Recent samples of the c.t. go from about 2.5° to about 4.5° depending on the current, and the UK v.t. from around 3° to around 4.5° depending on the voltage. So it’s not easy to find a value that is a good compromise. In my testing against the supplier’s meter optical pulses, I found I could set the calibration so that the accumulated kWh see-sawed against the pulse count, (I forget which way round it was now) one would lead at low powers and lag at high powers - I couldn’t isolate the cause, I suspect it was this, but it could have been the c.t’s amplitude error as well (I’m talking about a standing load of a 100 - 200 W compared to 1 - 2 kW).
Yes, that see-saw effect is one reason I remain unconvinced by metrics like “long term agreement with revenue meter to within 1%” especially for per-breaker monitors. That all the individual channels add up to within 1% of the revenue meter over a month doesn’t really put any upper limit on the errors in individual instantaneous power readings from each channel, and surely the whole reason for per-breaker monitoring is so you can determine how much energy circuit x uses.
And in three phase installations, per circuit monitoring with “derived voltage references” (i.e. only one VT) is particularly vulnerable. In that situation I think the “long term agreement with revenue meter to within 1%”, while no doubt true, is close to meaningless for anything but the grand totals. But if that’s the only measurement you can rely on, you could have saved yourself a lot of CTs and just measured the main feed.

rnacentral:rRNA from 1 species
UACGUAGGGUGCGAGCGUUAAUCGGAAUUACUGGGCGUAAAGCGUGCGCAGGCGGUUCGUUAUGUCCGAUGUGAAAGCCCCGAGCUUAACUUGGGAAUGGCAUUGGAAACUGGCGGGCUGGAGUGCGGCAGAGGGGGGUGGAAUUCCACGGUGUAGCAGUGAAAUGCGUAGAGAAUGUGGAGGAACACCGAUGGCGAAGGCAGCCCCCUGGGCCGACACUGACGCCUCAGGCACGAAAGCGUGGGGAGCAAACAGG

Quite so. But you’re up against accuracy vs perceived accuracy. And as most users don’t have access to high quality test gear, comparison with the supplier’s meter is their only yardstick. Then, if your total consumption is to 1%, then that implies that while minor loads might be significantly worse, at least you know to within probably 10%, maybe 5%, what those loads actually are - and until some sort of monitoring is present, that’s been a total unknown. I’m not pretending it’s good, but if the user is happy with it and it’s better than nothing, then it’s OK for their purpose.
I’ve been asking for a 3-phase emonTx (i.e. 3 v.t’s) for a long time, but despite the continuing interest - notably from mainland Europe as well as your part of the world, there’s been no reaction. Hopefully, the STM will put that to rights; we shall see.
Yes, fair comments. I think in some quarters there’s a tendency to just mention the 1% total without any qualification, so the end user is perhaps thinking they’re getting that on each of their channels.